Mental Health, Wellbeing and Reflecting at RTC - By Mica MacInnes

02nd Feb 2023

RTC has always believed that our people are the most important asset we have in our business. Two weeks before the first 2020 lockdown was announced, I remember sitting on a train back from London, writing a Covid-policy for our office, which had the welfare of our employees and clients at its heart – never really thinking it would be required.  How wrong could I be…

We’re here to support businesses…who supports us?

On a daily basis, our people provide support to business leaders, managers and their employees to help them to meet their business goals, and this was never truer than during the Pandemic.   

We faced a range of situations with our clients, many of which had positive outcomes, for example, when businesses “pivoted” to provide products to support the fight against Covid, but there were also businesses who didn’t fare so well, and had to reduce headcount, through furlough and redundancies, as well as some who, sadly, didn’t survive. 

The pressure on RTC employees to provide appropriate help, advice and support was significant as, for a time, they became part of the organisation they were supporting, and worked with them to find the very best outcome.  

The responsibility of helping others to do the best for their businesses, whilst worrying about our own loved ones in the fight against an invisible assailant was, at times, a challenge.  For some, this resulted in longer hours, sleepless nights and cancelling of booked days off.

Hello, is there anyone there?

Some employees felt isolated due to working from home.  Prior to the Pandemic, the social element of working for a company like RTC was part of our DNA. 

The office was a hive of activity, and provided the opportunity for us to connect, talk through the challenges we faced in business and catch-up on what was happening at home. 

The day after Boris announced the country was going into a short period of lockdown saw our employees coming into the office to collect chairs and screens, notepads and pens.  It was a very jovial atmosphere, and none of us had any idea that we would leave the office and never fully return to office life as we knew it.

Flexible is our middle name.

It was amazing how quickly we adapted to using technology we’d had available to us and never utilised to its full potential. 

We took to Teams and Zoom calls like ducks to water, webinars and virtual sessions replaced in-person workshops and Miro and Mural boards became our best friends in collaborative work with colleagues and clients.   

We scheduled regular 1:1s and virtual catch-ups with our teams, introduced a homeworking risk assessment, and produced a “Top Tips” for working at home, encouraging people to get up and stretch, have a walk (around the garden) and ensure they were keeping hydrated, but as the weeks dragged on and restrictions were lifted, then reimposed, it became apparent that we needed to consider the longer-term impact of the Pandemic on our employees, and the support required.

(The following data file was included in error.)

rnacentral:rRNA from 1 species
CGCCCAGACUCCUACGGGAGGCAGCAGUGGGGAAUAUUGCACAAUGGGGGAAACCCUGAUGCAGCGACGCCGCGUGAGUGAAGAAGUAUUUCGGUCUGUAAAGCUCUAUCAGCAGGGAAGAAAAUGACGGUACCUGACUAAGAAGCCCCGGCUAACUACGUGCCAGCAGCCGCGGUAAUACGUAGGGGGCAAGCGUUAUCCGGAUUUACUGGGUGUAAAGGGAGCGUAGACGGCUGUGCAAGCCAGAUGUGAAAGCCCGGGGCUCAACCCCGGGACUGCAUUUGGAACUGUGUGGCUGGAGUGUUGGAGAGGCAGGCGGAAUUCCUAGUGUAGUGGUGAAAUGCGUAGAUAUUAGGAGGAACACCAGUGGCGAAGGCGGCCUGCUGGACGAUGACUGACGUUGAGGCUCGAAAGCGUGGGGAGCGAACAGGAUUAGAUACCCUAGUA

The future means work/life balance. 

A mass return to the office has not happened and is unlikely to.  Our people expect more flexibility, so RTC have adapted and now offer hybrid working.  Line managers work with their teams to determine how much time individuals spend in the office vs working from home, and this differs depending on the role (we expect our client-facing people to be working with clients most of the time), and what individuals are working on. 

We’ve found activities which require collaboration are best done face-to-face, as are meetings at the start and end of a project, as well as interim reviews.  Teams are also expected to meet face-to-face at least once a month, too.

People also have flexibility in how they work their hours.  We currently don’t allow compressed hours so people work across 5 days (Monday – Friday), but the hours worked on those days is down to the individual, so it enables the early birds to start early, the night owls to work later, parents/carers to do the school run, dog owners to take a longer walk at lunchtime, and short appointments and tasks which have to be done during office hours can be completed without the need to take annual leave.

Prevention is better than cure

Our approach to mental health and wellbeing is focused on prevention, but we ensure appropriate support is provided when needed.  We recognise working from home can bring its own challenges and have run workshops on the importance of mental health and wellbeing for all employees, as well as additional training for line managers to enable them to spot the signs of mental ill health and have the confidence to initiate a conversation early to prevent escalation.  Our people are encouraged to manage their own workload and time management training is available to help them develop strategies to stay on track.

To further support, we offer Mental Health First Aid training to all employees, free, confidential counselling from an external provider for those who need it, have a Mental Health and Wellbeing policy, an intranet page dedicated to Mental Health and Wellbeing, and various social events to enable people to come together throughout the year.

Is there more we can do? Of course!  There are always improvements we can make.  We are constantly looking at what others are doing and reviewing if it would work for us as a business and be beneficial to our employees.  We value the opinions of our people, and welcome suggestions at any time – not just on Time to Talk Day.

Return to list